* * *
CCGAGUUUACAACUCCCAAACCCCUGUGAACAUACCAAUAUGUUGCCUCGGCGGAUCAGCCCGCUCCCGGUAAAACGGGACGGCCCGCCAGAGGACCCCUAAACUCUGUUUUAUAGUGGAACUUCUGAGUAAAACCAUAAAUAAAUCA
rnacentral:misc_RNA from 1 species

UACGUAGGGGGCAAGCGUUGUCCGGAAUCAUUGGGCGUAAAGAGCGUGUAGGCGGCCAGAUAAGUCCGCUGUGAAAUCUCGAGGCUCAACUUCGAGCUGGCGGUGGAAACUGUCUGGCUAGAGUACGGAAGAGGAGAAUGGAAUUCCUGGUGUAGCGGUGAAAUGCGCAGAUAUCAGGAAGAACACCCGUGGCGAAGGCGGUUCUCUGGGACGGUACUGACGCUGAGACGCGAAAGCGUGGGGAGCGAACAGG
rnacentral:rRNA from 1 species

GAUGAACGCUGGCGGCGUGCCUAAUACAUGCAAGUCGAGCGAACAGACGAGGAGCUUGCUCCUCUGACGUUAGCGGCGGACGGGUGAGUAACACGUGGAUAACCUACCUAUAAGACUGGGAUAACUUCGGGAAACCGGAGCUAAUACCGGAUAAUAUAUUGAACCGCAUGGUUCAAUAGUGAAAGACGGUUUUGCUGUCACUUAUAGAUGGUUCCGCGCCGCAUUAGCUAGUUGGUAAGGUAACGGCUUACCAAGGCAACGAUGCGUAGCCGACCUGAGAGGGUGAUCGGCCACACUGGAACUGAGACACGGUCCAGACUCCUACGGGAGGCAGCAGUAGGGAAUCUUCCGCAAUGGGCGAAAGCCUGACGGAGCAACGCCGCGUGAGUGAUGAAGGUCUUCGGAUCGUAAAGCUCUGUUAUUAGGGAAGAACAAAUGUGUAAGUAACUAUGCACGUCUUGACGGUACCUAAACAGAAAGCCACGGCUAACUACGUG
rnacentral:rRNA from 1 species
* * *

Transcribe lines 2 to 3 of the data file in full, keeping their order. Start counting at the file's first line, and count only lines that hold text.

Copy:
rnacentral:misc_RNA from 1 species

UACGUAGGGGGCAAGCGUUGUCCGGAAUCAUUGGGCGUAAAGAGCGUGUAGGCGGCCAGAUAAGUCCGCUGUGAAAUCUCGAGGCUCAACUUCGAGCUGGCGGUGGAAACUGUCUGGCUAGAGUACGGAAGAGGAGAAUGGAAUUCCUGGUGUAGCGGUGAAAUGCGCAGAUAUCAGGAAGAACACCCGUGGCGAAGGCGGUUCUCUGGGACGGUACUGACGCUGAGACGCGAAAGCGUGGGGAGCGAACAGG